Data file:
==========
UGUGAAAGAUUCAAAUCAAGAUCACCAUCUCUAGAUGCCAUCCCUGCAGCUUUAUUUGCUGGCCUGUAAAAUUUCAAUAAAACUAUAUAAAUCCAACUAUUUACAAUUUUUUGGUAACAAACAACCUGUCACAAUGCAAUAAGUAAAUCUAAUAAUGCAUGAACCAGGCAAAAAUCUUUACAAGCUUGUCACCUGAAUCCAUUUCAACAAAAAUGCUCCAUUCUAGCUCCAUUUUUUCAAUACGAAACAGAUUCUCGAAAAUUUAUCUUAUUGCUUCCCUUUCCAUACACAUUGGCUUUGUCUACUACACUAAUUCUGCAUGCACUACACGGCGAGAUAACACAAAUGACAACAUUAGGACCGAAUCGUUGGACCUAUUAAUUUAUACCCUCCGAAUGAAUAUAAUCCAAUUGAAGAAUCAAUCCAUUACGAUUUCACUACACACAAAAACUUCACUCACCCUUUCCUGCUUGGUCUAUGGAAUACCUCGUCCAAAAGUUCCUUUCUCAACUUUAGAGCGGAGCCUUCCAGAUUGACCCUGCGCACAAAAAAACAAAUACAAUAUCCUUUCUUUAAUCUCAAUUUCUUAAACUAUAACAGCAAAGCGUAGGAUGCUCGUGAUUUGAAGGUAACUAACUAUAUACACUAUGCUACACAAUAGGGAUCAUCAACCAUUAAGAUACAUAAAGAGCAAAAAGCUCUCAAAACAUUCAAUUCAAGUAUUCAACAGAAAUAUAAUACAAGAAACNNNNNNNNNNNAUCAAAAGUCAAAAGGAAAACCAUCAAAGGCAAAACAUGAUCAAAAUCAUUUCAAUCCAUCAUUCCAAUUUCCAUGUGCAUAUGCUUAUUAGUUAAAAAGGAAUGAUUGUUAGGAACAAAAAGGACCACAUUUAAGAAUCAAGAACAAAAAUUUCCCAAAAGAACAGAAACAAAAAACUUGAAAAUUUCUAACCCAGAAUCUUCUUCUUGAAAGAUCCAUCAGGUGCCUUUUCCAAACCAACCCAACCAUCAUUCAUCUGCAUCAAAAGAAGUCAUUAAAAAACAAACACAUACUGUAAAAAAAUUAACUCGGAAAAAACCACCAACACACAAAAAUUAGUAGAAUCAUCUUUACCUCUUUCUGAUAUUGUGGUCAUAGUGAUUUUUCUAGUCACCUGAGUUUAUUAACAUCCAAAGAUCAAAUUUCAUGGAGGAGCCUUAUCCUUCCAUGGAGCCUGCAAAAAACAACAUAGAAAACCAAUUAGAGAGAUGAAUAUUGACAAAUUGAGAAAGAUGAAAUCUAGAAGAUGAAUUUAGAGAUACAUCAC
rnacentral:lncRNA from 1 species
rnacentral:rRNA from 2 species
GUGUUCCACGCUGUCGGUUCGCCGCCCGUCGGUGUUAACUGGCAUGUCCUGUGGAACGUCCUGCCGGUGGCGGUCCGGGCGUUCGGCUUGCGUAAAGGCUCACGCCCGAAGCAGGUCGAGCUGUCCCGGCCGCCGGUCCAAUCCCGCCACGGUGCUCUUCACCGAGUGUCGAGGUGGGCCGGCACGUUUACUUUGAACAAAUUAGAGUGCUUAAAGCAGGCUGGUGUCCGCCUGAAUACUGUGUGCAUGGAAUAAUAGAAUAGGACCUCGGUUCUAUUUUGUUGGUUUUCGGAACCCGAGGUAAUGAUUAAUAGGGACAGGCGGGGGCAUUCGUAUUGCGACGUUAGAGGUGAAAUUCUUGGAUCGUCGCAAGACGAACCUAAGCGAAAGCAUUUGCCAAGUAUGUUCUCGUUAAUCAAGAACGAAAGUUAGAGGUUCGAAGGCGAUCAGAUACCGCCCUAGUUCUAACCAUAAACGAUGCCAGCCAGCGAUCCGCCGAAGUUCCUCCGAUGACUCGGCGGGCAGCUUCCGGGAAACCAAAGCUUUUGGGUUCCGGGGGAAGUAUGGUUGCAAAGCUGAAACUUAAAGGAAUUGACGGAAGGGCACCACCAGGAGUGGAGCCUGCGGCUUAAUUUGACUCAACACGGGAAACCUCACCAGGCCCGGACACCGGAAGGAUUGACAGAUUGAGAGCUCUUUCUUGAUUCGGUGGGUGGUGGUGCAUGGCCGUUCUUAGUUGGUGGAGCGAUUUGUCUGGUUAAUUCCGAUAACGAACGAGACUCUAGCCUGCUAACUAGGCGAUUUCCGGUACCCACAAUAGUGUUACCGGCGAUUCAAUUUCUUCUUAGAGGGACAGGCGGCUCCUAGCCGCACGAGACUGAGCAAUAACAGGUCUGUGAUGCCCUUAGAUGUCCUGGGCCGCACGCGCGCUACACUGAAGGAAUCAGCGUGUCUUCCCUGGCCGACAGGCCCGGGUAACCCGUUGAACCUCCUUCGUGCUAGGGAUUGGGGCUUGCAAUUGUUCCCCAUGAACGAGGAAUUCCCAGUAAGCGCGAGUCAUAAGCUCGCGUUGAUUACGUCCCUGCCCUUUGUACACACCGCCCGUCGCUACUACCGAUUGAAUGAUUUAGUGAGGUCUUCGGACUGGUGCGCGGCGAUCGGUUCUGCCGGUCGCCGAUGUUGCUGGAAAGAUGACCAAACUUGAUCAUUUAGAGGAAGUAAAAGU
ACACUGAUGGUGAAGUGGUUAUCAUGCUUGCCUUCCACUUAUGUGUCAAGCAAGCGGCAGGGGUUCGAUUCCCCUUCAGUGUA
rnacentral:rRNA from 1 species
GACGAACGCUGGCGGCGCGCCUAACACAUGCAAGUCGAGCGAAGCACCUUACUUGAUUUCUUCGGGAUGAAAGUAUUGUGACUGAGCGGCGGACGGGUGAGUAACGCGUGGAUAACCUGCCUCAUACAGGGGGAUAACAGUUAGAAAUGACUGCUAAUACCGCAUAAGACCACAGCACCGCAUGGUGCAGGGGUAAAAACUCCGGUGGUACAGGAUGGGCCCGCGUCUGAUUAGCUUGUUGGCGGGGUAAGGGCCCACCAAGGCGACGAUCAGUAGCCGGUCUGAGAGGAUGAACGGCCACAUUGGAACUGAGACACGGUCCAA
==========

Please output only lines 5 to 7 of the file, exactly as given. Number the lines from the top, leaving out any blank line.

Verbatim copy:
ACACUGAUGGUGAAGUGGUUAUCAUGCUUGCCUUCCACUUAUGUGUCAAGCAAGCGGCAGGGGUUCGAUUCCCCUUCAGUGUA
rnacentral:rRNA from 1 species
GACGAACGCUGGCGGCGCGCCUAACACAUGCAAGUCGAGCGAAGCACCUUACUUGAUUUCUUCGGGAUGAAAGUAUUGUGACUGAGCGGCGGACGGGUGAGUAACGCGUGGAUAACCUGCCUCAUACAGGGGGAUAACAGUUAGAAAUGACUGCUAAUACCGCAUAAGACCACAGCACCGCAUGGUGCAGGGGUAAAAACUCCGGUGGUACAGGAUGGGCCCGCGUCUGAUUAGCUUGUUGGCGGGGUAAGGGCCCACCAAGGCGACGAUCAGUAGCCGGUCUGAGAGGAUGAACGGCCACAUUGGAACUGAGACACGGUCCAA